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The Forgotten Pioneer
The Academy Awards ceremony held on March 20, 1948, honored what were deemed the best films released in 1947. The event also celebrated the twentieth anniversary of the founding of the Academy of Motion Picture Arts and Sciences. The occasion inspired Academy president Jean Hersholt to spearhead an effort to formally recognize the founders of the American film industry. Four elderly men were honored with special Oscars: Colonel William N. Selig, Albert E. Smith, George K. Spoor, and Thomas Armat. Selig and Smith were able to attend the ceremony.
Moments before receiving his Oscar, Col. Selig, squat with wire-rimmed glasses and bushy white mustache, confirmed in a tremulous voice for Hersholt and a worldwide radio audience listening to the ceremony that he was responsible for starting the motion picture industry in Los Angeles back in 1909, and that he had entered the business in 1896. Earlier that week, he had celebrated his eighty-fourth birthday.
Four months after being feted with an Academy Award, William Selig would be remembered once more. The occasion was his death. He then faded back into oblivion.
How is it possible that the man who brought the American motion picture industry to Los Angeles and who created so many other foundational elements of the medium is so unknown to film buffs and historians? The easy answer is that the colonel’s studio, the Selig Polyscope Company, stopped making films in 1918, although he remained sporadically active as an independent producer through the 1930s. Few of his productions are known because no present-day entity perpetuates his work. However, a formidable archive of information regarding the Selig Polyscope Company has been available to historians and researchers for over sixty years. In 1946–1947, William Selig donated his business records to the Academy of Motion Picture Arts and Sciences Library. Added to other company documents in the library’s collection, the William Selig papers comprise fifteen linear feet and include correspondence, production files, scripts, and scrapbooks. Selig also donated six linear feet of photographs, including production stills from more than five hundred now mostly lost films. In fact, of the more than 3,500 films released by Selig between 1896 and 1938, only about 225 are known to have survived to the present. Many of those that do exist are seminal productions in the development of commercial cinema. Unfortunately, this wealth of material has been virtually ignored by all but a few specialized researchers.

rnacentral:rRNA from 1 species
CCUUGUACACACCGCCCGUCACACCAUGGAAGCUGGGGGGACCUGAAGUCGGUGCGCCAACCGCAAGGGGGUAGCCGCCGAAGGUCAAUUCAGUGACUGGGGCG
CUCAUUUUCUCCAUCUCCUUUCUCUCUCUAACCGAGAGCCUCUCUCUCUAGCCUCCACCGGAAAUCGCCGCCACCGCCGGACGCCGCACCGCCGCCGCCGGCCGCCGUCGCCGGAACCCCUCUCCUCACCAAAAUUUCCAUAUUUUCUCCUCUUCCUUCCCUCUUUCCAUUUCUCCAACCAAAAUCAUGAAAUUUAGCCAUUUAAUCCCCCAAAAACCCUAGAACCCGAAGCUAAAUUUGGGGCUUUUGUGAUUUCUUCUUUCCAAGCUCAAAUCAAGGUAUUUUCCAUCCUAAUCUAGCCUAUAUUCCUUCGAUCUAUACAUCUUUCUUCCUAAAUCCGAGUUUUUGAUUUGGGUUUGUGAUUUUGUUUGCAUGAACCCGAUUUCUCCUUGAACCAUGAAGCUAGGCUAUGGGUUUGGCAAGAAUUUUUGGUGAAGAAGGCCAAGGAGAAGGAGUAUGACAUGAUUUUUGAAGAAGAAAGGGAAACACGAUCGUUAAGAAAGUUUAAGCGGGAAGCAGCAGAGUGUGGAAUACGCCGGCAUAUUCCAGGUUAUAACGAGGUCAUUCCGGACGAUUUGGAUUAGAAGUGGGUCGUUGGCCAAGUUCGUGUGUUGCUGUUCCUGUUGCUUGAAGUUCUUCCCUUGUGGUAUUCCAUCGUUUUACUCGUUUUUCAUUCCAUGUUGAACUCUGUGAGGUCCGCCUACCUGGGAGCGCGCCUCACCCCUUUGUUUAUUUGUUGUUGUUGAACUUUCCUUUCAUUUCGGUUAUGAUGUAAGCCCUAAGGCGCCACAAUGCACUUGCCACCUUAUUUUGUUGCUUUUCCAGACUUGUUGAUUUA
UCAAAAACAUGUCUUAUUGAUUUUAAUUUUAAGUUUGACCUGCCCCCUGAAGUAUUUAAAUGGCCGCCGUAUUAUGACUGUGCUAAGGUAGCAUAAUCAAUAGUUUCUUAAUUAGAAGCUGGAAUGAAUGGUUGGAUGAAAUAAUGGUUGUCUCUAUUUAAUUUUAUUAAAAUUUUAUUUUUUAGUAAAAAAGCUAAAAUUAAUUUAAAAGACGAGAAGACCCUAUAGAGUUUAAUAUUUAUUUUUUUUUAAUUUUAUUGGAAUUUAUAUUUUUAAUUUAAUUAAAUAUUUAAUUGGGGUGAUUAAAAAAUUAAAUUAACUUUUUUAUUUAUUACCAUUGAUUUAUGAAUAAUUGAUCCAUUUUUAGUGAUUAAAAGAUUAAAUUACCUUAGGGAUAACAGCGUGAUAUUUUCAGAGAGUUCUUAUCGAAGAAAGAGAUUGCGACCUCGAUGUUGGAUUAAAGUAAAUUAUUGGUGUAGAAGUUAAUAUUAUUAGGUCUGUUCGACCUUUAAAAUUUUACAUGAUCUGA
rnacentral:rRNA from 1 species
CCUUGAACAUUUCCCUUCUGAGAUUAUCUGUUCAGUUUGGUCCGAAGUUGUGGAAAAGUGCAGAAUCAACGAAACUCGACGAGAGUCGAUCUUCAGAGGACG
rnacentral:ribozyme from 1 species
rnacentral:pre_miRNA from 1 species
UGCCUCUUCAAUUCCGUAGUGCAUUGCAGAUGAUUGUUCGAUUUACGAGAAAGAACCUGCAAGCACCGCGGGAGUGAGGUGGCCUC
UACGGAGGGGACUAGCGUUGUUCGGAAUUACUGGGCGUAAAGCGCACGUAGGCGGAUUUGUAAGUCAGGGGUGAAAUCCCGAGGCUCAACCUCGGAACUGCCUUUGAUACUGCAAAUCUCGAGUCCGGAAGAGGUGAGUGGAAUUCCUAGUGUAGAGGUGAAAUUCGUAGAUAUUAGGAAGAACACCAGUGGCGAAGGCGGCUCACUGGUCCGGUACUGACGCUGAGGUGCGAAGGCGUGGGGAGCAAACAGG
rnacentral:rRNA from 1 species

A great deal of film history continues to be based on the ancient puffery of press releases, self-serving memoirs, a notoriously fictive fan press, and inaccurate accounts of the early industry. For instance, widespread myth attributes the founding of Hollywood to Cecil B. DeMille, who co-directed The Squaw Man there in 1914. The reality is that William Selig had long been in Los Angeles by that time. His early success served as a beacon to other American film companies, and Los Angeles was already a thriving film city by the time DeMille and company arrived. In fact, upon Selig’s death, DeMille noted that when he arrived in LA he visited the Selig lot to learn how to make movies.
D. W. Griffith has also been identified as the inventor of Hollywood. In 1972, his unfinished memoirs were published as The Man Who Invented Hollywood: The Autobiography of D. W. Griffith. It is indisputable that Griffith was responsible for establishing a visual grammar for film that endures to the present, but his innovations were largely confined to how screen images are presented and arranged. While such technique remains the cornerstone of cinematic construction, “Hollywood” encompasses much more.
Neal Gabler’s critically acclaimed An Empire of Their Own is subtitled How the Jews Invented Hollywood. Like most conquering armies, the second generation of American filmmakers rewrote the history of the medium to further their own interests and enhance their legacies. Yet many of the innovations attributed to the film moguls profiled by Gabler had already been established by Selig, who aided many of those same producers as they started in the industry. Jewish filmmakers relocated from the Northeast to Los Angeles not so much to escape persecution as to follow Selig’s successful business and aesthetic models, which included filming amidst a climate and wide-ranging geography that invited year-round production.